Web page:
AUSTIN, Texas—The proportional representation of African American, Hispanic and Asian American students increased for the fall 2004 semester at The University of Texas at Austin, according to a preliminary enrollment count by Maryann S. Ruddock, associate vice president and director of the university’s Office of Institutional Research.
Among the 6,796 entering freshmen, the proportional representation of students increased for African Americans to 4.5 percent (up from 4.1 percent last fall), Hispanics to 16.9 percent (16.3 percent), and Asian Americans to 17.9 percent (17.6 percent). The proportional representation for whites decreased to 58.6 percent from 59.3 percent in fall 2003, and for all other groups it remained stable or declined slightly, Ruddock said.
The number of entering freshman students, by ethnicity, includes 3,901 white, 1,149 Hispanic, 309 African American, 1,218 Asian American, 28 Native American and 191 others. Entering freshmen include those students who first enrolled in the summer and are continuing in the fall, as well as new fall entrants.
University-wide, the proportional representation increased for African Americans to 3.5 percent (from 3.4 percent in fall 2003), Hispanics to 13.3 percent (12.7 percent) and Asian Americans to 14.3 percent (14.1 percent). The proportional representation for whites decreased to 57.4 percent from 59.1 percent in fall 2003, and for all other groups it remained stable or declined slightly, Ruddock said.
The preliminary figures show that enrollment at The University of Texas at Austin dropped two percent, from 51,426 to 50,403 this fall. Because of the drop, The University of Texas at Austin may no longer be the nation’s largest single campus institution, a distinction it held since 1997.
The decreased enrollment was intentional. It was part of a plan proposed by a special Task Force on Enrollment Strategy that included increasing the size of the faculty and reducing the student population to 48,000 over the next five years. The university’s president, Dr. Larry R. Faulkner, endorsed the plan in May.
The task force, headed by Dr. Isabella Cunningham, chairwoman of the Department of Advertising, emphasized that the size of the student body must be driven by the university’s goal to be one of the top public universities in the nation and that quality of education must be the first priority. To preserve and enhance the quality of students’ educational experiences, the task force said, it was necessary for the university to reduce its student/faculty ratio, which is now about 21 to one. At institutions with which the university likes to compare itself, the ratio is about 19 to one, the task force said.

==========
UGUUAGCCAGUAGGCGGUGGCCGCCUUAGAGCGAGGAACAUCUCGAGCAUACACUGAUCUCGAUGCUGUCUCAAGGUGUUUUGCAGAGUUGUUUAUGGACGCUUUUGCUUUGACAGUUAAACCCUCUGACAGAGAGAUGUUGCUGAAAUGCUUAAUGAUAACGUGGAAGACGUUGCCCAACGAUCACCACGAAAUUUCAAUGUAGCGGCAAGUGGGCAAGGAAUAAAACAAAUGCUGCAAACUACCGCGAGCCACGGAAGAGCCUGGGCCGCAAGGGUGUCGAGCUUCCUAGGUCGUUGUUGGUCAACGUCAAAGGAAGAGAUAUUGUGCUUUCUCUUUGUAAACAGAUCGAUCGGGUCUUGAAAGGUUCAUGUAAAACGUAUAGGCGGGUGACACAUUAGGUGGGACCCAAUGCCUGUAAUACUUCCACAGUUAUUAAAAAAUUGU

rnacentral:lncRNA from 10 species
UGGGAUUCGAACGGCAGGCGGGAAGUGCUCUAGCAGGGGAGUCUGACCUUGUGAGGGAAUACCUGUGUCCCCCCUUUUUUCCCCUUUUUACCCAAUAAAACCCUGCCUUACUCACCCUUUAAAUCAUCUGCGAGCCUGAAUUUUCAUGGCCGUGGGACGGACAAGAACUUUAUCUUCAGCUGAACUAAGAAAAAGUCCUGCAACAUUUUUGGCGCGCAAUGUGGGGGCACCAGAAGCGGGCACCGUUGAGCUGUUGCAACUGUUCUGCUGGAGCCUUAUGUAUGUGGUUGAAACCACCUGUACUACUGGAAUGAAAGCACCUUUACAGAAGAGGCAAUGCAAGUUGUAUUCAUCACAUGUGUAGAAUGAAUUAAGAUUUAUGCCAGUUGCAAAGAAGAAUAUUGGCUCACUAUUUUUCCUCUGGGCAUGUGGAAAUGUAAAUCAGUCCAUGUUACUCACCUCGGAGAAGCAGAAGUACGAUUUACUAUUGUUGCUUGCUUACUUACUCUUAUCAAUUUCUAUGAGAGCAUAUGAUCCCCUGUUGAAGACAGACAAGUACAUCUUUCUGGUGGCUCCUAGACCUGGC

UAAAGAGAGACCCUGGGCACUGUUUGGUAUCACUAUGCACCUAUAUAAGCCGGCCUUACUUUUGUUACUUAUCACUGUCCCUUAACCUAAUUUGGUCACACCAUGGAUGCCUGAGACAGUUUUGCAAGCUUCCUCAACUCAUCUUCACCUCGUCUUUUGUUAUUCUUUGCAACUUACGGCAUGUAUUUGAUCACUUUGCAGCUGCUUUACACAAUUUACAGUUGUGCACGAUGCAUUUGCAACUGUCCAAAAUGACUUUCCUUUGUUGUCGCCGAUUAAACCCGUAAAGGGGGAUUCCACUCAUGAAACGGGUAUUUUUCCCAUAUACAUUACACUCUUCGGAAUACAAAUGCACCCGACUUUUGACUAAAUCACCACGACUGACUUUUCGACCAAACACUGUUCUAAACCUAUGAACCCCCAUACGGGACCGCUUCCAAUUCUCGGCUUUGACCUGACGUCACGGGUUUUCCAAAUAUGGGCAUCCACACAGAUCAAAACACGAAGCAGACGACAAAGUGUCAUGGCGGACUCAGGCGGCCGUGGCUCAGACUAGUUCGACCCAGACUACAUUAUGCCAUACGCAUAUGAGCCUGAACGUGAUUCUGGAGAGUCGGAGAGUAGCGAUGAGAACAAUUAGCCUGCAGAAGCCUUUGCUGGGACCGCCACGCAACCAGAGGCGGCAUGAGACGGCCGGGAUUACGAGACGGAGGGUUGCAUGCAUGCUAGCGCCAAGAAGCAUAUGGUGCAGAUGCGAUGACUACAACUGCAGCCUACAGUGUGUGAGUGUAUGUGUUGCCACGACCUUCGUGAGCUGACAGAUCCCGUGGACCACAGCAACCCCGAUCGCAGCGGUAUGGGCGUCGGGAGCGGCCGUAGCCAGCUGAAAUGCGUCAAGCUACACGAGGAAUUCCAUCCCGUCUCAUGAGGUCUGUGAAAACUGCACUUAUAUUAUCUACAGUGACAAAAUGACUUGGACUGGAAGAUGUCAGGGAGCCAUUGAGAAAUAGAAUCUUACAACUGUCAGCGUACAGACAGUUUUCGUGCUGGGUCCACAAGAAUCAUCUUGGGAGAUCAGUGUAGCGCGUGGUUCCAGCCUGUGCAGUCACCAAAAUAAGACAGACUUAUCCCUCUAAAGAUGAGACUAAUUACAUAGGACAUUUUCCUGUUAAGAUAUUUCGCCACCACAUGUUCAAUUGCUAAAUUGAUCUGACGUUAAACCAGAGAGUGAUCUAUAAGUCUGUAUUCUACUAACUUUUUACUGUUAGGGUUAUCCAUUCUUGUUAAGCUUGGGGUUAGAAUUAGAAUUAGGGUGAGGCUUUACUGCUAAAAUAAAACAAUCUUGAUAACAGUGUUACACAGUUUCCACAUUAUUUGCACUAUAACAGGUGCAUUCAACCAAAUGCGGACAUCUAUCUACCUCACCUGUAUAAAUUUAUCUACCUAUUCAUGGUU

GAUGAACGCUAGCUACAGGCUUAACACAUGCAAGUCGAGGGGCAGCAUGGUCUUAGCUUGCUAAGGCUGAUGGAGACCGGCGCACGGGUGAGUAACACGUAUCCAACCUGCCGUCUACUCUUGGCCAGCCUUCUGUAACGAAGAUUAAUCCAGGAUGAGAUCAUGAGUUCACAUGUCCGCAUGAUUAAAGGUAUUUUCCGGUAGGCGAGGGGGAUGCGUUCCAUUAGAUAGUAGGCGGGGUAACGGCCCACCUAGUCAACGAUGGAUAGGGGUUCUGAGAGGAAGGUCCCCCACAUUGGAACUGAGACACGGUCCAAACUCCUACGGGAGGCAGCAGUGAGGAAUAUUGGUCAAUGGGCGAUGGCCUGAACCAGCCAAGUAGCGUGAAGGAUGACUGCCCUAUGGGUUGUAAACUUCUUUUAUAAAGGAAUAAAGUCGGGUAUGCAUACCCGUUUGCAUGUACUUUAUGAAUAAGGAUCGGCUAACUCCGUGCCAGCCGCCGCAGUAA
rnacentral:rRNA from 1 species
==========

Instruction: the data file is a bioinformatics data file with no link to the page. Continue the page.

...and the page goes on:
This fall’s enrollment includes 37,397 undergraduate, 11,539 graduate and 1,467 law students. The number of entering freshmen is 6,796, an increase from 6,544 last year. Undergraduate transfers have increased from 1,644 to 1,981. The number of undergraduate continuing students decreased from 29,279 in fall 2003 to 27,818 this fall. The fewer number translates into increased four- and six-year graduation rates. Four-year graduation rates increased from 41.7 percent to 45.6 percent, while six-year graduation rates increased from 70.5 percent to 74.3 percent.
Ruddock said these data are preliminary 12th class day numbers. Final figures for the 12th class day will be available in October, but there is usually little variation from the preliminary figures.
Of the 6,796 entering freshmen, 6,382 were graduates of Texas high schools. The percentage of graduates from Texas high schools entering under HB 588, better known as the Top 10 Percent Law, was 66 percent this fall, down from last year’s figure of 70.5 percent.
New graduate student enrollment declined this fall to 3,124, a decrease of 8.1 percent. For new graduate students, the proportional representation increased for African Americans to 2.7 percent (up from 2.2 percent), Asian Americans to 7.2 percent (6.9 percent) and whites to 57.4 percent (57.3 percent). Hispanic graduate student enrollment declined to 7.5 percent from 8.1 percent. The proportional representation for all other groups decreased or remained stable. This fall’s entering law class enrolled fewer students for all groups except American Indian and foreign students.
The numbers for graduate students include 6,266 white, 864 Hispanic, 278 African American, 697 Asian American, 37 Native American and 3,397 others.
For more information contact: Maryann Ruddock, Office of Institutional Research, 512-471-3833, or Robert D. Meckel, Office of Public Affairs, 512-475-7847.